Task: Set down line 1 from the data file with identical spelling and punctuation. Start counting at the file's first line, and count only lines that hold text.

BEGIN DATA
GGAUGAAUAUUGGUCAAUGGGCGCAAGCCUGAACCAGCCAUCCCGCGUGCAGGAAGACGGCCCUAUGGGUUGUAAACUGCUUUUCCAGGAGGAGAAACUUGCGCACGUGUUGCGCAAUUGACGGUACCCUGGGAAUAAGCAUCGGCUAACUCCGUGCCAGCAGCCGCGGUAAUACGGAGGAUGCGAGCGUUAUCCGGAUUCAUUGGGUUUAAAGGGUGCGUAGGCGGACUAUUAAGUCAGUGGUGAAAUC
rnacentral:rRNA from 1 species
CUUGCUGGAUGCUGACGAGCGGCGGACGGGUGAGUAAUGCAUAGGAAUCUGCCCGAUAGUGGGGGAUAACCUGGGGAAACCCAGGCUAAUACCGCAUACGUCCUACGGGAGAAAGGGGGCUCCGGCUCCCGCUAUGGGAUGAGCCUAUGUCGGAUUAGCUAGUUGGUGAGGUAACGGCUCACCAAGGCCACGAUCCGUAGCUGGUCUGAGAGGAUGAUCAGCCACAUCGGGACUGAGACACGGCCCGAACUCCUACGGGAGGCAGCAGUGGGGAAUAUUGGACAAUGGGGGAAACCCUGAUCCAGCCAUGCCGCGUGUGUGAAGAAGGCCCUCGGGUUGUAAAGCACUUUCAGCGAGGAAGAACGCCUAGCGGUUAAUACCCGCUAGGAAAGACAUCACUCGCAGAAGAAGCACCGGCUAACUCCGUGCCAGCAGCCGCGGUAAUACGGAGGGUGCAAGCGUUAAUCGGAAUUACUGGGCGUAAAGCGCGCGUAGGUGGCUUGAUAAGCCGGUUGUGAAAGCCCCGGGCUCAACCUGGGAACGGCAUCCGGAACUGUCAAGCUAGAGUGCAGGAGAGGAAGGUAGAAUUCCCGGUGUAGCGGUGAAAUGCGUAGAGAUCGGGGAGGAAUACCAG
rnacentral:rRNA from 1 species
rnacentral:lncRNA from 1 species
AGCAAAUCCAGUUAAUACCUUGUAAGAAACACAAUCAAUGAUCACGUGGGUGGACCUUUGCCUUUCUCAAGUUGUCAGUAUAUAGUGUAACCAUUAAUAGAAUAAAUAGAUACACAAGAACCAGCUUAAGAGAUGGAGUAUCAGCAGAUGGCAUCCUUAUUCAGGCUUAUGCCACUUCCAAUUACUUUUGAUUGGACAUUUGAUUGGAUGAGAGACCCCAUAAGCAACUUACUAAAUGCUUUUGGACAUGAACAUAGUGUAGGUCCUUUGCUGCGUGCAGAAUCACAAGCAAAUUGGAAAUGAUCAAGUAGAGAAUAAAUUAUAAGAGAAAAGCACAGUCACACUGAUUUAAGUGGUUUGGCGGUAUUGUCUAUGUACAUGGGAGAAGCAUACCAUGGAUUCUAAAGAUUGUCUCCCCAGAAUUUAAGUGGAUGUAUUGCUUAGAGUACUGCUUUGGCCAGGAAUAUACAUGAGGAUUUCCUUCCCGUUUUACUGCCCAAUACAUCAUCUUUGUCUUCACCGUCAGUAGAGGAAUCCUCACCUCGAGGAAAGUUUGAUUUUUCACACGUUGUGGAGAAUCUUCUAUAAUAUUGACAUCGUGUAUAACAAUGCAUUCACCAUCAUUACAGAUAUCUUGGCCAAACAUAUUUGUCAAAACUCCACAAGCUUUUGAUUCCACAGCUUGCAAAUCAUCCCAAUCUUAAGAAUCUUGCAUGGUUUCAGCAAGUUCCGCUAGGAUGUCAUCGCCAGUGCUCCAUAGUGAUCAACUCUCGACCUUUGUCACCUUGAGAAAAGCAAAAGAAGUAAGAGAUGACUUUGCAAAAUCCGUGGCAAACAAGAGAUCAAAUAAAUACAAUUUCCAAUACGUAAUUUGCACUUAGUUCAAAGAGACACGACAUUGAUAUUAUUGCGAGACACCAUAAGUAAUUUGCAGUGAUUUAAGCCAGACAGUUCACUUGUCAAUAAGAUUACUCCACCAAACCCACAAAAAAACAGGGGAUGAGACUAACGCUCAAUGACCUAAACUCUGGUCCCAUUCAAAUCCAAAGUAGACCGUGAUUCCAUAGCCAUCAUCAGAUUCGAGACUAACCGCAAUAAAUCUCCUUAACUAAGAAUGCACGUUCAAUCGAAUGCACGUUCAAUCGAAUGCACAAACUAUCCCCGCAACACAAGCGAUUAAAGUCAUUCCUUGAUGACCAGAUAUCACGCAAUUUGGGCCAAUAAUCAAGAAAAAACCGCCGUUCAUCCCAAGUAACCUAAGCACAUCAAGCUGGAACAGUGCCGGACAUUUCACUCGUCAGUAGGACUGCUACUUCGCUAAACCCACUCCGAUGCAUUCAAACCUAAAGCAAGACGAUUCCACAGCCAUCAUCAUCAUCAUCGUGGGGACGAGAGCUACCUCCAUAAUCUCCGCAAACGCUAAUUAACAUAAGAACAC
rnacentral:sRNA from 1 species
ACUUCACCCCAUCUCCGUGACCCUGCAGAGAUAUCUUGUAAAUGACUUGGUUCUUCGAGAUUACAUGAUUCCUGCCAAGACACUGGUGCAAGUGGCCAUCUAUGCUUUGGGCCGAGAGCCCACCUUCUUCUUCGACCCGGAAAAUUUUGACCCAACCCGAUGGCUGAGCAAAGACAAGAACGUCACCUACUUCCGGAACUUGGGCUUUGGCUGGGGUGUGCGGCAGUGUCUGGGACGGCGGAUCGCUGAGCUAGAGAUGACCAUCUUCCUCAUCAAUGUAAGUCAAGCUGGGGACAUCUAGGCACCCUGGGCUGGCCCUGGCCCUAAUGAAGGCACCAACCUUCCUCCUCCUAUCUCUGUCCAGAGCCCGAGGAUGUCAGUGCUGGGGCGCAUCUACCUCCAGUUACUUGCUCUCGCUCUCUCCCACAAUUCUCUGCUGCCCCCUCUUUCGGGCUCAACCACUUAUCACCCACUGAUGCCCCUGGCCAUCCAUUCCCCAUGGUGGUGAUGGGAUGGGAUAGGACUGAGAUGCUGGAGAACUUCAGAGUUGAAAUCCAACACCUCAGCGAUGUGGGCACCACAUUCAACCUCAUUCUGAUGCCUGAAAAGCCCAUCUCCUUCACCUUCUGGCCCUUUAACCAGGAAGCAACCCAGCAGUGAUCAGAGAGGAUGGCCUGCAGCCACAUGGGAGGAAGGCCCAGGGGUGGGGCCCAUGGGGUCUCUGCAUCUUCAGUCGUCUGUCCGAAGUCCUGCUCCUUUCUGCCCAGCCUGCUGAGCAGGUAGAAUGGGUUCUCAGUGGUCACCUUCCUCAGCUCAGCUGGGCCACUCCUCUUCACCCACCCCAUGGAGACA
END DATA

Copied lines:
GGAUGAAUAUUGGUCAAUGGGCGCAAGCCUGAACCAGCCAUCCCGCGUGCAGGAAGACGGCCCUAUGGGUUGUAAACUGCUUUUCCAGGAGGAGAAACUUGCGCACGUGUUGCGCAAUUGACGGUACCCUGGGAAUAAGCAUCGGCUAACUCCGUGCCAGCAGCCGCGGUAAUACGGAGGAUGCGAGCGUUAUCCGGAUUCAUUGGGUUUAAAGGGUGCGUAGGCGGACUAUUAAGUCAGUGGUGAAAUC